I believe that every good developer should be able to deploy a backend and work with it. A smart developer will also use an application framework to make his life easier and be more productive. Django is the application framework I love. It is tested, complete and sexy, written in beautiful Python.
The official documentation is also awesome, but it is not enough if you want help with deployment. We will be deploying Django using Apache 2.x and mod_wsgi running in daemon mode (recommended). The daemon mode will create a separate dedicated process for running your Django application that is independent from the Apache child processes.
I am assuming that you have Django already installed, if not it is never late to install the latest version.
tar -xzvf Django-1.3.1.tar.gz
sudo python setup.py install
Make some love
Let’s also assume that the folder where we keep our Django projects is
/var/django and we will be working on a project named love
django-admin.py startproject love
Create the application wsgi entry point
Now we need to create a wsgi entry point for our project, the best place to put it is under /var/django/love/apache. You want to have it on its own folder, isolated for security reasons, since our web server will be accessing it. The recommended filename is django.wsgi which is just a convention.
application = django.core.handlers.wsgi.WSGIHandler()
Time to configure our Apache server and let it know about our project and the wsgi entry point. Edit your vhost configuration and add:
WSGIScriptAlias / /var/django/love/apache/django.wsgi
Allow from all
Now the root url is aliased with our wsgi entry point which runs the application.
Enable wsgi daemon mode
We do not want to run wgsi in embedded mode and adding the following lines will enable daemon mode.
WSGIDaemonProcess love.me user=love group=love threads=25
It is recommended to create a non privileged user to run the daemon process. I created the user/group love to match our project name. We are also setting the name of the process and the process group to love.me, matching our domain name (you can pick any name you want though).
The socket permission issue
The wsgi configuration looks complete but there is still a problem. Apache might be unable to communicate with the wsgi daemon process.
That happens because the socket that is used for the communication is placed into the Apache runtime environment which is readable only by Apache and not the wsgi daemon process. To solve this edit your conf.d/wsgi.conf and add:
Let’s view it
We are done, lets create a view to see it working. Create a views.py file in your project folder and add:
from django.http import HttpResponse
return HttpResponse("Django love!")
Then set the url configuration to point to the new view, edit url.conf and set your urls patterns to:
urlpatterns = patterns('',
^$ matches empty strings, it means match what starts and ends with nothing in between, so that will match our root url.
Visit your root URL and check, I hope it works!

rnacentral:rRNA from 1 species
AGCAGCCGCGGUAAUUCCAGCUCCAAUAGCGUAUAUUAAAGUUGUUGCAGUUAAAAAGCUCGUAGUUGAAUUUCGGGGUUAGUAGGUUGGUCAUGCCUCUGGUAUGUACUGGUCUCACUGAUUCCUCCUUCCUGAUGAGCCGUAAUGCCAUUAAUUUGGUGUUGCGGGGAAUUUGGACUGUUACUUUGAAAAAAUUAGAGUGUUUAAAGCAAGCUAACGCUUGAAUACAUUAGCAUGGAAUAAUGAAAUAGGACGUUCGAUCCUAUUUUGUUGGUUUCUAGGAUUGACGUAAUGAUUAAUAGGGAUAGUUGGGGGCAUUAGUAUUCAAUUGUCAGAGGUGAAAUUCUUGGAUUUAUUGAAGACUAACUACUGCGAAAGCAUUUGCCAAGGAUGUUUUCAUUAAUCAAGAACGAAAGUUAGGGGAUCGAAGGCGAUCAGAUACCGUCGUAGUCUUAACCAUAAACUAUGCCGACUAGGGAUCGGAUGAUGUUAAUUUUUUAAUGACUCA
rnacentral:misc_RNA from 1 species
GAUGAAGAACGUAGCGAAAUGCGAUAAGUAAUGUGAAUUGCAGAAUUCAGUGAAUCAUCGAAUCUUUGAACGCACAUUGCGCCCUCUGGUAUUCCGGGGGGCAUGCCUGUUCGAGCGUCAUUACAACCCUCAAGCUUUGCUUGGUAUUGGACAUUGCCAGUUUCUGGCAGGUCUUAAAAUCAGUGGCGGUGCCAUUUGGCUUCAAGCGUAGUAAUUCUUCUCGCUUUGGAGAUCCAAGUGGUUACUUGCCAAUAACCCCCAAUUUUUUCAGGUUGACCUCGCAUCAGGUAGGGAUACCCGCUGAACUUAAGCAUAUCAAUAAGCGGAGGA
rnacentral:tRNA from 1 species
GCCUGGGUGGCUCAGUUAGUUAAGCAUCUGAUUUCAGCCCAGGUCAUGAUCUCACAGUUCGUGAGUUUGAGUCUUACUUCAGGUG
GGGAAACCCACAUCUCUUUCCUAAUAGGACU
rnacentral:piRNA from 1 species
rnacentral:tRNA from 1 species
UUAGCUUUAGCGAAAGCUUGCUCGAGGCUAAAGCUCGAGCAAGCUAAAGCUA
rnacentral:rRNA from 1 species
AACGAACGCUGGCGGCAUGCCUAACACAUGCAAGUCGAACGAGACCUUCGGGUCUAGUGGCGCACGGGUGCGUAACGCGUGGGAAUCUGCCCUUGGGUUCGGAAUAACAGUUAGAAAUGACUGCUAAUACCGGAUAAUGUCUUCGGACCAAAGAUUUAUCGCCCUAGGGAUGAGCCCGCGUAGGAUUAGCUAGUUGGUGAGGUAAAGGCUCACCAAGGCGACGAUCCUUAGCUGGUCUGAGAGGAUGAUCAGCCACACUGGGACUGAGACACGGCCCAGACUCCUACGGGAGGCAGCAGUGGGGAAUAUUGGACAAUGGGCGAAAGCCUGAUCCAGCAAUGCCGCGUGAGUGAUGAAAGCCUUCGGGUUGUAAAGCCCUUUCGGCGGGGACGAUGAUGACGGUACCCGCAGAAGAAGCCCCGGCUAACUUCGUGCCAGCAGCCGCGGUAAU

If you have some kind of configuration issue check http://code.google.com/p/modwsgi/wiki/ConfigurationIssues or contact me, I might be able to help.
There are two more things that I want to include in this tutorial, serving static files and source code reloading.
Serving static files
The Apache configuration will be entirely complete and ready to go by adding some more directives for serving the static files of your project, edit your vhost configuration and add:
Alias /robots.txt /var/django/love/static/robots.txt
Alias /favicon.ico /var/django/love/static/favicon.ico
Alias /static/ /var/django/love/static/
Allow from all
Alias /media/ /var/django/love/media/
Allow from all
AliasMatch ^/([^/]*\.css) /var/django/love/static/styles/$1
Remember to create the static, media and styles folders in your Django project and then edit settings.py and change the following parameters:
MEDIA_ROOT = '/var/django/love/media/'
MEDIA_URL = '/media/
STATIC_ROOT = '/var/django/love/static/'
STATIC_URL = '/static/'
Source code reloading
Every time a file is changed Apache has to be restarted to load the changes when running in the default embedded mode.
When running in daemon mode, which is our case, the daemon process and therefore the code will be reloaded everytime the django.wsgi file is changed. So a quick way to force a code reload would be to touch the file. But that is not convenient enough and you should not poke that file all the time.
To enable proper source code reloading do the following:
1. Create a monitor.py file and add the code from the section Monitoring For Code Changes as shown in http://code.google.com/p/modwsgi/wiki/ReloadingSourceCode
2. Edit the django.wsgi file and add:
Happy development! Remember to remove the source code monitoring in a production environment to avoid the extra overhead.
Special thanks to the great Django official documentation
and the amazing modwsgi documentation from Graham Dumpleton